It may be clear or not, but if you take a moment to have a look – a really good look! – at the last
hour, chances are that you’ve been rushing in one way or another.
The ticking clock gets you to move faster with clear focus and often with a rush of adrenalin,
because – well, you might run late and head-on into trouble!
Then there is the rush of getting one thing done just so you can do something else. Without us
realising, this is the main cause for rushing on a daily basis, hourly, this very minute, and a major
culprit when it comes to a build-up of anxiety.
So, before you continue reading, briefly check if you’re reading this article quickly in order to get to the important bits, to the next click or to the next input? Okay. Did you take the time to check ‘briefly’? See? There’s yet another kind or rushing. We do it all the time. Why did you rush now? Because you have to….?Why do you rush home to quickly get the shopping out of the bags to cook dinner, in order to eat and get the kids to bed and clear the kitchen, just so you can be free to do the work you left too late last night and then couldn’t continue reading your book which, incidentally, you are wanting to read tonight and you’re looking forward to this highlight of your day, for which you will definitely find the time this evening? Breathe.
We manage to wonder why we feel exhausted, stressed out, frustrated and even resentful or angry by the end of the day, without having accomplished what we set out to do. What is it about us humans that we consider the next action, the next job, the next fun event, the next day, the next moment to be more important than the one we are finding ourselves in right now?
Is this one of the reasons why we enjoy travelling? Does the constant supply of new impressions and surprises help us to stop rushing ‘inside’ and to turn each new moment into a calmer and consciously lived “now”? Yet, even during holidays, we may find ourselves falling into our old trap and rush from place to place, sight-seeing to sight-seeing, taking photos, ticking off what is on our holiday list and, in doing so, missing the actual holy-days and the recharging of our exhausted batteries altogether.
Our long awaited holiday, which felt like an oasis in the year-long desert of work, doesn’t necessarily do the trick. Can’t we recharge those batteries daily? Apart from sleeping and the odd special event? Can’t we have a sense of holy-days all year around? Or at least holy-minutes? The more often we train ourselves to those holy-minutes throughout each day (even during our working hours!), the better we get at enjoying our time off, travelling or not, time with friends, time alone, time doing something, time doing nothing. It’s like a muscle, it requires training. It is like creating one mini-oasis after the other, building on each other. But how can we do this?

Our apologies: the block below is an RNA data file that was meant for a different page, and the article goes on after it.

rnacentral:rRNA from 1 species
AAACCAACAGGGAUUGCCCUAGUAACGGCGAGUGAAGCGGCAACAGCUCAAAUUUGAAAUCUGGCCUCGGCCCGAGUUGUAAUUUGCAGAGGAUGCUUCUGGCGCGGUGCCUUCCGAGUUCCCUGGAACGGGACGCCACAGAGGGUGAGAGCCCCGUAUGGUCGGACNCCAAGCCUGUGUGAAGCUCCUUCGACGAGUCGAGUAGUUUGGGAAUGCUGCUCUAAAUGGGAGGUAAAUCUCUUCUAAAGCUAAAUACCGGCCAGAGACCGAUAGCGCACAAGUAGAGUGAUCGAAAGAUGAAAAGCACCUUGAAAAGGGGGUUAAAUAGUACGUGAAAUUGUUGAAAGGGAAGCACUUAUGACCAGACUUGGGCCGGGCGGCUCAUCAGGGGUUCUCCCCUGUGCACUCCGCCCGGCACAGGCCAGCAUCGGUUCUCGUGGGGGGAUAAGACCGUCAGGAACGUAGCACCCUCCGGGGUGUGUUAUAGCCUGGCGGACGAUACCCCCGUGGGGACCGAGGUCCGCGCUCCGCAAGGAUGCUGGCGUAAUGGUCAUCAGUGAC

I hope that you’ve read the rest of this article less rushed than you started out. Go and do what is most important to you right now. Do it with as much presence as you can muster. Decide to dedicate this moment to doing exactly what you are setting out to do. Leave no space to be anxious about getting somewhere else to do something else. Watch your hands while you are using them. Take in the sounds, colours, shapes and smells around you. Feel your feet on the ground, the gentle brush of air on your skin, the soft pressure of your clothes. Take a deep breath in and enjoy the slow release of air, the sense of peace and calm it brings. Focus. Just for now. Only thereafter will be the time for something else – only then, not now. Indulge in the now.
These are the holy-seconds you can have any time, no matter where you are, what you do and what is going on around you. The most important aspect is that you teach yourself to enjoy training this muscle of yours. It will grow stronger very quickly. Love the little oasis’ you create with it. You will recharge your batteries constantly. Your daily life will get much richer and your holidays will turn into true holy-days.